HealthDay News — Young children with COVID-19 may not present with respiratory symptoms, according to a case report published online May 12 in Frontiers in Pediatrics.

Xiaofang Cai, from the Wuhan Children’s Hospital in China, and colleagues detail the cases of five children presenting with nonrespiratory symptoms as the first manifestation of COVID-19 who were hospitalized with confirmed COVID-19 between Jan. 23 and Feb. 20, 2020.

The authors note that four of the five patients were male and ranged in age from 2 months to 5.6 years. Three of the five patients required an emergency operation or treatment, including intussusception, acute suppurative appendicitis perforation with local peritonitis, and traumatic subdural hemorrhage with convulsion. Two patients had acute gastroenteritis, including one with hydronephrosis and a stone in his left kidney. Four of the five patients had a fever during the course of the disease. Leukopenia was seen in two patients, with one also having lymphopenia. There were two cases of severe COVID-19 in which the levels of C-reactive protein, procalcitonin, serum ferritin, interleukin-6, and interleukin-10 were significantly increased, while CD3+, CD4+, CD8+ T lymphocytes, and CD16 + CD56 natural killer cells were decreased. The investigators also observed impaired liver, kidney, and myocardial functions; the presence of hypoproteinemia, hyponatremia, and hypocalcemia; and in one case, abnormal coagulation function.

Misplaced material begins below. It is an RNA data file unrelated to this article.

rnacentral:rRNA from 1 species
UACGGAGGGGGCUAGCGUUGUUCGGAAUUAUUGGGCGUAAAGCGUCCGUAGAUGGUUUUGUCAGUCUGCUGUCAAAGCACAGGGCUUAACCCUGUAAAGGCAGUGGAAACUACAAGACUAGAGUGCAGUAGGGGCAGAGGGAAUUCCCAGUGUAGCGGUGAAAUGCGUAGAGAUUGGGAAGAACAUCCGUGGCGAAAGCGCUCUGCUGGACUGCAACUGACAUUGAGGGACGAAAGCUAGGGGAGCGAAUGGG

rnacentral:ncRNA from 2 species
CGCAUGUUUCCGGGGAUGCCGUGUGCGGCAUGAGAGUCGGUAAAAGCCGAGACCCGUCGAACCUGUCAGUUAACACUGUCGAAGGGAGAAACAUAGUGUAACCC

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“In epidemic areas, the possibility of severe acute respiratory syndrome coronavirus 2 infection should be suspected when children show digestive tract symptoms, especially with fever and/or exposure history,” the authors write.

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